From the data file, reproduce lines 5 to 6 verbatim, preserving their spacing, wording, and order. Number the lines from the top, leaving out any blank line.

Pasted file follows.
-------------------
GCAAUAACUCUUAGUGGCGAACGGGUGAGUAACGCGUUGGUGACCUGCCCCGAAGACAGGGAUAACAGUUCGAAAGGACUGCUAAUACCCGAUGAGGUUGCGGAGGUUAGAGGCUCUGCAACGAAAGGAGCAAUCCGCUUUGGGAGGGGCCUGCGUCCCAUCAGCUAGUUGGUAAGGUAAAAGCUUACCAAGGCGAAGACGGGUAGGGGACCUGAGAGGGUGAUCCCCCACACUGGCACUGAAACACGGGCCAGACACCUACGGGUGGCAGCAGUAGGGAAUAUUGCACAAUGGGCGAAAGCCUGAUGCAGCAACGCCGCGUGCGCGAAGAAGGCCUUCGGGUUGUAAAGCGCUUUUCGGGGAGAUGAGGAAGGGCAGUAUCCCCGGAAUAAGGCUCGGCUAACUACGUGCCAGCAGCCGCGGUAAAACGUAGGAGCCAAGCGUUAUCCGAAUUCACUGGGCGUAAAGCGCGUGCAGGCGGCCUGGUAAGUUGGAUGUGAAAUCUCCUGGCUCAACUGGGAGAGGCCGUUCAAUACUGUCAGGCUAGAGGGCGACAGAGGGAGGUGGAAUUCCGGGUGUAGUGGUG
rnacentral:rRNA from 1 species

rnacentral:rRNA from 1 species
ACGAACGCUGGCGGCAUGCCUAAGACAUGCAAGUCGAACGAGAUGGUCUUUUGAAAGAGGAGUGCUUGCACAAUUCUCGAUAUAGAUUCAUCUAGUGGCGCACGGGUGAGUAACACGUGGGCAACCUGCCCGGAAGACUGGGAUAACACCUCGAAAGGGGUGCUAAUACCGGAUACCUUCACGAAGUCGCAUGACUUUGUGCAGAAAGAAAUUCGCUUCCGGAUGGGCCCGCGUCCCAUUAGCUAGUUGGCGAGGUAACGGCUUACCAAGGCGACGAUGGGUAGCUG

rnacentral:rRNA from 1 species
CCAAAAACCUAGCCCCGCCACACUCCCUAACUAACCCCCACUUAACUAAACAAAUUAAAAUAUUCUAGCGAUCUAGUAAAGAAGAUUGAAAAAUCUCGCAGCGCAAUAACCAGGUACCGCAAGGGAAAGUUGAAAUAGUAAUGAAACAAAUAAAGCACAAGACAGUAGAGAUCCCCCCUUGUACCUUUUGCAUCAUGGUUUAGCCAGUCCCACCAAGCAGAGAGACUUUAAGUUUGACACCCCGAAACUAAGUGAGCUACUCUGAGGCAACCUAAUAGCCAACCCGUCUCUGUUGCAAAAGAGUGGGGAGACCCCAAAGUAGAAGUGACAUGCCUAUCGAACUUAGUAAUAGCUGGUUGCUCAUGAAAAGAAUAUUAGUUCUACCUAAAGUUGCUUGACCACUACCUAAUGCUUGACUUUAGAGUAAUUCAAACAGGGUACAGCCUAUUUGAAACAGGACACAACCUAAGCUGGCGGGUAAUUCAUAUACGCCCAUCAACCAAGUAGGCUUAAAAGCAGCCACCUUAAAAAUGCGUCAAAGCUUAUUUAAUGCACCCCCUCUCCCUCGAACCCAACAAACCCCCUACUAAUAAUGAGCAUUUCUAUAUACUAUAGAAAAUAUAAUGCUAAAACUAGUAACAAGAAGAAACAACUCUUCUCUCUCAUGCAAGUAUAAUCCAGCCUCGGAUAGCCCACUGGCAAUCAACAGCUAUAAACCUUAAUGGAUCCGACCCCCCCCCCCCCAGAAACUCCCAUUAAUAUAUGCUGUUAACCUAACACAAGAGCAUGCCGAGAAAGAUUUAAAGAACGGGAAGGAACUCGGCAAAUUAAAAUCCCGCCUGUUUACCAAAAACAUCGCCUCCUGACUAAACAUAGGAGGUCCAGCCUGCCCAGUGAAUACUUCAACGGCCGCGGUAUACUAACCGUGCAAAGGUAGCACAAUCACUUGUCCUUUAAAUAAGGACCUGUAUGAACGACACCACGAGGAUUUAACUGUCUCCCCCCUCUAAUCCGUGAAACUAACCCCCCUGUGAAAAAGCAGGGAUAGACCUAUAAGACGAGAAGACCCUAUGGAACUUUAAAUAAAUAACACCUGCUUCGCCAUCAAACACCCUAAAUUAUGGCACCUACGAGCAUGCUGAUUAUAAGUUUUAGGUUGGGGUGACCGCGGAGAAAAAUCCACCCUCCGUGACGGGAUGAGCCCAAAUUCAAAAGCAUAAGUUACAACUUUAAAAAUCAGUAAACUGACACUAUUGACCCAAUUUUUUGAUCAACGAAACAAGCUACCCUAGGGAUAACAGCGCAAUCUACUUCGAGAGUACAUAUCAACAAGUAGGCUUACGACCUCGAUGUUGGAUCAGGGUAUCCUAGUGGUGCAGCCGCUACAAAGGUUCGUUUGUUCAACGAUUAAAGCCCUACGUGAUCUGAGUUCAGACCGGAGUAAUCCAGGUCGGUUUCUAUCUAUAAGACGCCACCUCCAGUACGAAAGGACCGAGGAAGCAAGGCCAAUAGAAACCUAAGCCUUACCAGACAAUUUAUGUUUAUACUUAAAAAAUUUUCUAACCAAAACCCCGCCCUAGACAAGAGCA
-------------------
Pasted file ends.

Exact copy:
rnacentral:rRNA from 1 species
CCAAAAACCUAGCCCCGCCACACUCCCUAACUAACCCCCACUUAACUAAACAAAUUAAAAUAUUCUAGCGAUCUAGUAAAGAAGAUUGAAAAAUCUCGCAGCGCAAUAACCAGGUACCGCAAGGGAAAGUUGAAAUAGUAAUGAAACAAAUAAAGCACAAGACAGUAGAGAUCCCCCCUUGUACCUUUUGCAUCAUGGUUUAGCCAGUCCCACCAAGCAGAGAGACUUUAAGUUUGACACCCCGAAACUAAGUGAGCUACUCUGAGGCAACCUAAUAGCCAACCCGUCUCUGUUGCAAAAGAGUGGGGAGACCCCAAAGUAGAAGUGACAUGCCUAUCGAACUUAGUAAUAGCUGGUUGCUCAUGAAAAGAAUAUUAGUUCUACCUAAAGUUGCUUGACCACUACCUAAUGCUUGACUUUAGAGUAAUUCAAACAGGGUACAGCCUAUUUGAAACAGGACACAACCUAAGCUGGCGGGUAAUUCAUAUACGCCCAUCAACCAAGUAGGCUUAAAAGCAGCCACCUUAAAAAUGCGUCAAAGCUUAUUUAAUGCACCCCCUCUCCCUCGAACCCAACAAACCCCCUACUAAUAAUGAGCAUUUCUAUAUACUAUAGAAAAUAUAAUGCUAAAACUAGUAACAAGAAGAAACAACUCUUCUCUCUCAUGCAAGUAUAAUCCAGCCUCGGAUAGCCCACUGGCAAUCAACAGCUAUAAACCUUAAUGGAUCCGACCCCCCCCCCCCCAGAAACUCCCAUUAAUAUAUGCUGUUAACCUAACACAAGAGCAUGCCGAGAAAGAUUUAAAGAACGGGAAGGAACUCGGCAAAUUAAAAUCCCGCCUGUUUACCAAAAACAUCGCCUCCUGACUAAACAUAGGAGGUCCAGCCUGCCCAGUGAAUACUUCAACGGCCGCGGUAUACUAACCGUGCAAAGGUAGCACAAUCACUUGUCCUUUAAAUAAGGACCUGUAUGAACGACACCACGAGGAUUUAACUGUCUCCCCCCUCUAAUCCGUGAAACUAACCCCCCUGUGAAAAAGCAGGGAUAGACCUAUAAGACGAGAAGACCCUAUGGAACUUUAAAUAAAUAACACCUGCUUCGCCAUCAAACACCCUAAAUUAUGGCACCUACGAGCAUGCUGAUUAUAAGUUUUAGGUUGGGGUGACCGCGGAGAAAAAUCCACCCUCCGUGACGGGAUGAGCCCAAAUUCAAAAGCAUAAGUUACAACUUUAAAAAUCAGUAAACUGACACUAUUGACCCAAUUUUUUGAUCAACGAAACAAGCUACCCUAGGGAUAACAGCGCAAUCUACUUCGAGAGUACAUAUCAACAAGUAGGCUUACGACCUCGAUGUUGGAUCAGGGUAUCCUAGUGGUGCAGCCGCUACAAAGGUUCGUUUGUUCAACGAUUAAAGCCCUACGUGAUCUGAGUUCAGACCGGAGUAAUCCAGGUCGGUUUCUAUCUAUAAGACGCCACCUCCAGUACGAAAGGACCGAGGAAGCAAGGCCAAUAGAAACCUAAGCCUUACCAGACAAUUUAUGUUUAUACUUAAAAAAUUUUCUAACCAAAACCCCGCCCUAGACAAGAGCA